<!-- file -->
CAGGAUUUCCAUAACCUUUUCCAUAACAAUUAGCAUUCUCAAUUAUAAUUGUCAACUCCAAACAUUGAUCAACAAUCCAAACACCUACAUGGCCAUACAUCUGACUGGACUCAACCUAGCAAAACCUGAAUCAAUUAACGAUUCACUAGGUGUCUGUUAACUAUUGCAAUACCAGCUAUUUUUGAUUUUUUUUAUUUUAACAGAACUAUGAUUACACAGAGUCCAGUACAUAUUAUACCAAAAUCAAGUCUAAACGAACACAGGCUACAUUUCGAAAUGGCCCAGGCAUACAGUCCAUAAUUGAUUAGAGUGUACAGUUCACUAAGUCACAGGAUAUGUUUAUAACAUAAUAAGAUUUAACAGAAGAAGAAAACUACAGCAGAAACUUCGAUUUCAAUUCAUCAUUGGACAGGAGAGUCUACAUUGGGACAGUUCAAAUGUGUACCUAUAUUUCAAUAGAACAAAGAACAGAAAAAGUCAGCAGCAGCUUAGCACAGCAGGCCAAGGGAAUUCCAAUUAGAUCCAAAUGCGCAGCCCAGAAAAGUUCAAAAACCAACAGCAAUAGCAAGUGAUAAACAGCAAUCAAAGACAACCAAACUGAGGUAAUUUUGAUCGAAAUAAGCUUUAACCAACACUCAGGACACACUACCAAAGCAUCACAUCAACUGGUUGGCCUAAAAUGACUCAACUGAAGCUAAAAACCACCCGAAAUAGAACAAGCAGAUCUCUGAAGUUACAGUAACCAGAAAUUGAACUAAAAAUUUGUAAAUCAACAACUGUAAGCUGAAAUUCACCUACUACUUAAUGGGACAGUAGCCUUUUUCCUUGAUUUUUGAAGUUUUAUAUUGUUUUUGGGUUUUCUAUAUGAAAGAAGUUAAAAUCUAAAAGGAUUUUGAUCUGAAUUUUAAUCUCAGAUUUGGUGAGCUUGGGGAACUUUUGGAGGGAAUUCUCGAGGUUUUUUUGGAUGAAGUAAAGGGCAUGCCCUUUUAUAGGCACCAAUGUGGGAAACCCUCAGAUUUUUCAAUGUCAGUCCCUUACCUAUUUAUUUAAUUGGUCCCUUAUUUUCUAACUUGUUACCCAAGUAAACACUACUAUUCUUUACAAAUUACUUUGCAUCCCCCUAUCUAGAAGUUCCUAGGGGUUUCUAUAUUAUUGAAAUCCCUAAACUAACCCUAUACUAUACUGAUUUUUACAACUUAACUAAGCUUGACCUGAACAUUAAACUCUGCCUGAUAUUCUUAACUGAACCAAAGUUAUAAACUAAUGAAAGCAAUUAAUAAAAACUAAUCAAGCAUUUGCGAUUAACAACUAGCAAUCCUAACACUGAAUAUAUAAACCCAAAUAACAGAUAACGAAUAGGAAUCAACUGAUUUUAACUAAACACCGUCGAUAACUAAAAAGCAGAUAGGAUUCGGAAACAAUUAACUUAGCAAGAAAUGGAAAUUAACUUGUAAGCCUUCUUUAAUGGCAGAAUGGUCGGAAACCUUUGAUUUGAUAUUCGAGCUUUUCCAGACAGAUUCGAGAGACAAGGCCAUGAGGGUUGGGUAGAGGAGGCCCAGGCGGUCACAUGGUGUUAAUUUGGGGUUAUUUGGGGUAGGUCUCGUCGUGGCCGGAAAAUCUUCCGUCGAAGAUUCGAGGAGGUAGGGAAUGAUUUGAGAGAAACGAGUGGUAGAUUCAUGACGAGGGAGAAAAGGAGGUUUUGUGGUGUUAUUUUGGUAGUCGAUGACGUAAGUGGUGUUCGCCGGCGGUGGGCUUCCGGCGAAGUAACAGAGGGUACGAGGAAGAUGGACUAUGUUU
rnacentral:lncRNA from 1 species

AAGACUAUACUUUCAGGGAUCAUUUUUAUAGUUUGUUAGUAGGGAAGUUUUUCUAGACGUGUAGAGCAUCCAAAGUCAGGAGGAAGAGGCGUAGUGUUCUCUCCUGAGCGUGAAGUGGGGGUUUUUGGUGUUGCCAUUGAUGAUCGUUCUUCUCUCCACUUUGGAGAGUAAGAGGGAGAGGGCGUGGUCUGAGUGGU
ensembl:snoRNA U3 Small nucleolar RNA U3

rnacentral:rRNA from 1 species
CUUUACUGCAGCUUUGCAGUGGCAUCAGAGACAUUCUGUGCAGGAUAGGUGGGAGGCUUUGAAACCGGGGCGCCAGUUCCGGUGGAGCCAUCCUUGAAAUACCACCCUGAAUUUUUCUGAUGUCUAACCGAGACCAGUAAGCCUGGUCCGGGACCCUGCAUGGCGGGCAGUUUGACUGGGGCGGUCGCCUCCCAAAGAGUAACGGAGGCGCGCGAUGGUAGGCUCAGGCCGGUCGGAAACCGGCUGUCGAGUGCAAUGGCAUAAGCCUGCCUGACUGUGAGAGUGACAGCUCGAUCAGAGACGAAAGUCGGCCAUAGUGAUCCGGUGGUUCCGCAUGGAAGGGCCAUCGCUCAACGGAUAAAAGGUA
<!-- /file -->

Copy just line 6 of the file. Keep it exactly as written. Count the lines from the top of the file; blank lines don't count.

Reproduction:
CUUUACUGCAGCUUUGCAGUGGCAUCAGAGACAUUCUGUGCAGGAUAGGUGGGAGGCUUUGAAACCGGGGCGCCAGUUCCGGUGGAGCCAUCCUUGAAAUACCACCCUGAAUUUUUCUGAUGUCUAACCGAGACCAGUAAGCCUGGUCCGGGACCCUGCAUGGCGGGCAGUUUGACUGGGGCGGUCGCCUCCCAAAGAGUAACGGAGGCGCGCGAUGGUAGGCUCAGGCCGGUCGGAAACCGGCUGUCGAGUGCAAUGGCAUAAGCCUGCCUGACUGUGAGAGUGACAGCUCGAUCAGAGACGAAAGUCGGCCAUAGUGAUCCGGUGGUUCCGCAUGGAAGGGCCAUCGCUCAACGGAUAAAAGGUA